USA wants speedy reforms in Azerbaijan
12 Mar 04
The key goal of US officials’ recent visits to Baku was to persuade
the Azerbaijani leadership to carry out radical economic and political
reforms, Azerbaijani daily Zerkalo has said. Washington wants
Azerbaijan and other South Caucasus countries to share its values and
pursue its policy. To that end, the USA is trying to attract
Azerbaijan to NATO and has promised Baku assistance in reorganizing
its army, Zerkalo said. However, the paper said, Washington’s military
aid is linked to the settlement of the Armenian-Azerbaijani conflict
over Nagornyy Karabakh. Azerbaijan will have to make some compromises
in the peace talks, and US officials seem to have partly convinced the
Baku government, the daily said. The following is an excerpt from Rauf
Mirqadirov’s report by Azerbaijani newspaper Zerkalo on 12 March
headlined “Washington insists on speedy reforms in Azerbaijan” and
subheaded “The White House will wait for another three months”;
subheadings inserted editorially:
Americans dominate Baku
Americans dominated Baku this week. Never has the capital of
Azerbaijan seen so many high level delegations during the course of
one week. Moreover, one cannot help but notice that predominant among
the Americans landing in Baku were State Department emissaries and
Judge for yourselves. At the beginning of the week there was a
delegation from the US airforce college together with US Deputy
Assistant Secretary for European and Eurasian Affairs Lynn
Pascoe. Staying in the capital yesterday was a delegation headed by
the US State Department deputy director for European security and
political affairs, Eric Schultz, and the deputy political adviser at
the US mission in NATO, Bruce Rogers.
And arriving today in Baku from Washington is yet another very
impressive delegation comprised exclusively of military and diplomatic
officials. This time it is a mission of the supreme advisory council
to the US European Command (EUCOM), headed by the deputy commander of
the US European Command, Gen Charles Wald. Also part of the delegation
are Commander-in-Chief Allied Forces Southern Europe Adm Gregory
Johnson and many ambassadors of various ranks.
In a word, Azerbaijan is keeping diplomats and military officials
busy, while economic questions have moved down to the second order of
importance. It is clear why. The most important geopolitical task of
the USA in the region involving economic aspects has already been
resolved. The building of the Baku-Tbilisi-Ceyhan pipeline is already
under way, and all the problems connected with the financing of this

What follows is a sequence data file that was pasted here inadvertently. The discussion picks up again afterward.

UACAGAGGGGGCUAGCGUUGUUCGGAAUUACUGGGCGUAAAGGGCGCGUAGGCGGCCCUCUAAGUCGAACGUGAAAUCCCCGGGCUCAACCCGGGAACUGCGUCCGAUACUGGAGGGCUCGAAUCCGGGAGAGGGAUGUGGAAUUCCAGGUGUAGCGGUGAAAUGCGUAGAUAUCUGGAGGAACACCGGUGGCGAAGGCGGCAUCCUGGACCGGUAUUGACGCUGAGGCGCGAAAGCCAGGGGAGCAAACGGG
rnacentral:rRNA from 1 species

project have been resolved.
Need for radical reforms
Today, the Americans are trying to accomplish several tasks at the
First, to talk the Azerbaijani leadership into some radical economic
and political reforms. As we have already learned from well-informed
diplomatic sources, this theme was key to questions discussed between
Lynn Pascoe and Azerbaijani President Ilham Aliyev.
Once again Pascoe brought to Baku’s attention the White House’s
position, concluding that relations between the two countries could be
raised to a qualitatively higher level only through assurance that
both governments share the same values, i.e. adhere to the principles
of democracy, respect and uphold human rights and liberal democracy.
If we put all the abovementioned from the diplomatic language into
plain language, Pascoe’s statements imply that Azerbaijan should share
the values recognized by the USA.
Pascoe, however, noted that the White House did not rule out the
possibility of inviting Ilham Aliyev to Washington on an official
visit before the US presidential elections. But, the same diplomatic
sources say that Pascoe stated that such an invitation could take
place only if Baku did not confine itself to verbal promises but took
real steps towards putting reforms into practice.
Washington gives Baku another three months
Delegation members did not hide the fact that Washington was
disappointed with the developments in Azerbaijan and with Baku’s
activities since 15 October [presidential elections]. Azerbaijani
officials were informed about this in a private conversation with a
member of the American delegation. At the same time, he [the
delegation member] said that Washington would wait for another three
months. If, by this time, serious steps towards reforms have not been
taken, then Washington will totally lose its faith in the ability of
the current Azerbaijani leadership to lead the country on the path of
integration into the Euro-Atlantic structures, with all ensuing
Second, the USA will try not to lose the initiative in the South